Nuclear Scans' Effectiveness Questioned
Did DHS Mislead Congress About Effectiveness?
ROBERT O'HARROW, Jr. / Washington Post 20jul2007
WASHINGTON — A $1.2 billion program to deploy new radiation monitors to screen trucks, cars and cargo containers for signs of nuclear devices has been delayed by questions over whether Department of Homeland Security (DHS) officials misled Congress about the effectiveness of the devices.
A year ago, Homeland Security Secretary Michael Chertoff announced the contracts for monitors with cutting-edge technology that he said would improve radiation scans at borders and ports, while sharply reducing the number of false alarms. Congress had allowed the five-year project to move ahead after the department assured appropriators that the $377,000 machines would detect highly enriched uranium 95 percent of the time.
"What this next generation of detection equipment is going to let us do is make those determinations much more precisely, much more easily, and much more quickly," Chertoff said.
But the department's Domestic Nuclear Detection Office (DNDO) did not know whether the detectors would work effectively, according to documents and interviews.
Auditors from the Government Accountability Office later found that the detection rates of machines tested by the department were as low as 17 percent and no higher than just over 50 percent. The auditors said the department's optimistic report to Congress on the cost and benefits of the machines was based on assumptions instead of facts, a finding that prompted lawmakers to put the project on hold last year.
Last week, the GAO told Congress that Homeland Security officials did not follow their own guidelines for ensuring that the cost-benefit report was accurate and complete. The GAO also said the director of the nuclear detection office was incorrect when he testified in March that the office was not aware of any specifics about whether officials followed the guidelines. A GAO official said auditors would release a report about the monitors next month.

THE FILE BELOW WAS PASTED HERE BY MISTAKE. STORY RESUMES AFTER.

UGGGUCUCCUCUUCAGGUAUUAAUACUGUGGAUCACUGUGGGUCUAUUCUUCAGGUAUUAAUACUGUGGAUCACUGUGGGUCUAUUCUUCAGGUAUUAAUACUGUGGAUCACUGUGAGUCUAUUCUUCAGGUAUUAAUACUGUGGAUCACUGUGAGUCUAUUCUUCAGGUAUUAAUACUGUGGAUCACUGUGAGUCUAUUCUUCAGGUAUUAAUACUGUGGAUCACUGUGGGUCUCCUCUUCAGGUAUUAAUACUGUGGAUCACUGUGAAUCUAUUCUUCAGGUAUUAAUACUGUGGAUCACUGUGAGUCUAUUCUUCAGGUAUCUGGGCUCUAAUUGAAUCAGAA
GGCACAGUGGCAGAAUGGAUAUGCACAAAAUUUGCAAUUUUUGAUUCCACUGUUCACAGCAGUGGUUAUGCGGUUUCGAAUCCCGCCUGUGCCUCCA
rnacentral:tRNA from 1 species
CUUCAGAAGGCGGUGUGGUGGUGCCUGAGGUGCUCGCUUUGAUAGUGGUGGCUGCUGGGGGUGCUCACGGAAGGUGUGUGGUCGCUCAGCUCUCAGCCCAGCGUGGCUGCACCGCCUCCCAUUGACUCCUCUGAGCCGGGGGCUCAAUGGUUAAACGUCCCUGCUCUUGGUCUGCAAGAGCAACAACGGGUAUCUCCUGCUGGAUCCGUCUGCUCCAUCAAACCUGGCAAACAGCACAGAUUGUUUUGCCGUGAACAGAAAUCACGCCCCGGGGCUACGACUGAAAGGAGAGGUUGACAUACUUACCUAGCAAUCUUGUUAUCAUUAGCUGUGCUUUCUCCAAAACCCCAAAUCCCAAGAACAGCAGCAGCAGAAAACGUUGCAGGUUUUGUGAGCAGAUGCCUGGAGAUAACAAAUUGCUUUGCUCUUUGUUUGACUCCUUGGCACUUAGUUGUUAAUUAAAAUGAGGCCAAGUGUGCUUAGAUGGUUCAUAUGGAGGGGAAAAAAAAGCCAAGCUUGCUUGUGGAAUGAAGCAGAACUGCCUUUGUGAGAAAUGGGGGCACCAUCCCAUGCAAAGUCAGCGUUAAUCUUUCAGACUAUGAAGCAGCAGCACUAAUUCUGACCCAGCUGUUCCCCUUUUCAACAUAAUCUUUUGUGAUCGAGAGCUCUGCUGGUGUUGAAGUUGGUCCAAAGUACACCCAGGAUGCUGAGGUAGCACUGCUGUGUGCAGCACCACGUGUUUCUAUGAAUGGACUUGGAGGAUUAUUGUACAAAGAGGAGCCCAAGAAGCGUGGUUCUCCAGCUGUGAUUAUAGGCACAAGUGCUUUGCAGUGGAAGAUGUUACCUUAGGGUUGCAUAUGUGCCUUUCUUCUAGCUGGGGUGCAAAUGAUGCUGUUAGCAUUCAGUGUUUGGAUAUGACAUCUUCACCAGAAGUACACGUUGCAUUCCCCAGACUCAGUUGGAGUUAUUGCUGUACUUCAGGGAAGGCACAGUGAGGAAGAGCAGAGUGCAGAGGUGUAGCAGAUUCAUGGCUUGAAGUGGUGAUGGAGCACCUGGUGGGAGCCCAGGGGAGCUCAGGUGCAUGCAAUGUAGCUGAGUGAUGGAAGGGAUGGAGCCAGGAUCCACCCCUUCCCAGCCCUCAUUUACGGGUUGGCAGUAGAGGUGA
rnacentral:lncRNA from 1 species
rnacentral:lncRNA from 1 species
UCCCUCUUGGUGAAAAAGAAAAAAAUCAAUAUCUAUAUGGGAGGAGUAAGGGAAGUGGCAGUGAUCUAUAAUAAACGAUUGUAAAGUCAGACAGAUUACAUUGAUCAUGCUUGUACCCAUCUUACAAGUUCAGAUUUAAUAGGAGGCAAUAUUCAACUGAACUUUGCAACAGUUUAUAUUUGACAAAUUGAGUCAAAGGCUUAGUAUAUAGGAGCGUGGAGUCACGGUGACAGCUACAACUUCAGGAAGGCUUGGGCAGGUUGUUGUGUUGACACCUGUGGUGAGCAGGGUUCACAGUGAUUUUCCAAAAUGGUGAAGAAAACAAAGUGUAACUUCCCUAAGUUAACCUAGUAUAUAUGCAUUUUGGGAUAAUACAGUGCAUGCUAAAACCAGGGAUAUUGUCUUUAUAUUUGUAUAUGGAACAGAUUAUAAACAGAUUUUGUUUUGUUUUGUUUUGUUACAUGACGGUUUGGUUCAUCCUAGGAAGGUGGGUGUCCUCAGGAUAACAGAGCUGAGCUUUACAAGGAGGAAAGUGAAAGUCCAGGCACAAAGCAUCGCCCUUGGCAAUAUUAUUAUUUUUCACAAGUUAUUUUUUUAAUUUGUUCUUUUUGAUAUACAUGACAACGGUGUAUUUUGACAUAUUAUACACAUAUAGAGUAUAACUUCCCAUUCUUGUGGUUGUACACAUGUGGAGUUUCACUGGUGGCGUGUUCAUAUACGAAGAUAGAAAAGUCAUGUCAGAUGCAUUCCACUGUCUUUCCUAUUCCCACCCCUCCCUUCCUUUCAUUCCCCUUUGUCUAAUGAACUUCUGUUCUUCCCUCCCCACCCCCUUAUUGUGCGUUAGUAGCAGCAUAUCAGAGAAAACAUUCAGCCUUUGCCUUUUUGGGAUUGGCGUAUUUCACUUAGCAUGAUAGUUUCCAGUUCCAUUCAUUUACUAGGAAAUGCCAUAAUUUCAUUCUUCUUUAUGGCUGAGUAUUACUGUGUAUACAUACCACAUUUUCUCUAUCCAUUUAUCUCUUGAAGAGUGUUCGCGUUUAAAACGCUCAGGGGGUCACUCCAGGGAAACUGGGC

Sen. Joe Lieberman, I-Conn., chairman of the Homeland Security and Government Affairs Committee, said Congress will continue pressing officials for more verifiable details about the monitors before they allow the project to proceed.
"As DHS develops costly new technology critical to the nation's security, Congress must be able to rely on DNDO's claims about the technology," Lieberman said in an e-mailed statement. "DNDO's estimates of costs and benefits must be based on facts, not assumptions. And, while taking into account the effects this technology will have on commerce, it must be based first and foremost on how best to prevent nuclear smuggling."
Vayl Oxford, director of the nuclear detection office, defended the high detection rate cited in the report to Congress last year as a "high-water goal" the agency hoped to achieve, not an assessment of the monitors' capabilities. Oxford said recent tests of the monitors in New York show a "dramatic decrease" in false alarms. He said eight monitors will be deployed at four border crossings and ports for further performance tests this week.
The monitors were envisioned as the nation's key bulwark against attacks with radioactive material. After the Sept. 11 attacks, the government spent more than $200 million on detection equipment that could not distinguish nuclear devices from more benign sources of radiation, such as ceramic tiles and cat litter.
President Bush directed the establishment of the nuclear detection office in 2005 to be the main resource for assessing and buying monitors. Its mission includes providing technical advice to other agencies.
The office immediately began testing machines that, according to GAO estimates, cost about six times as much as current monitors. The Advanced Spectroscopic Portal radiation monitors rely on sensitive detection technology that had not previously been used in the field in the way officials envisioned.
Homeland Security officials tested monitors made by 10 companies. But before the results of those tests were made available to Congress, auditors from the GAO, in March 2006, raised questions about the procurement process.
The auditors predicted cost overruns of as much as $596 million and said the "prototypes of this equipment have not yet been shown to be more effective than the portal monitors now in use." The auditors concluded that it "is not clear that the dramatically higher cost of this equipment would be worth the investment."
In response, Congress told Chertoff and officials at the nuclear-detection office to produce a cost-benefit analysis.
In June 2006, the department delivered a report that said that the new machines "can correctly detect and identify highly enriched uranium (HEU) 95 percent of the time," according to the GAO.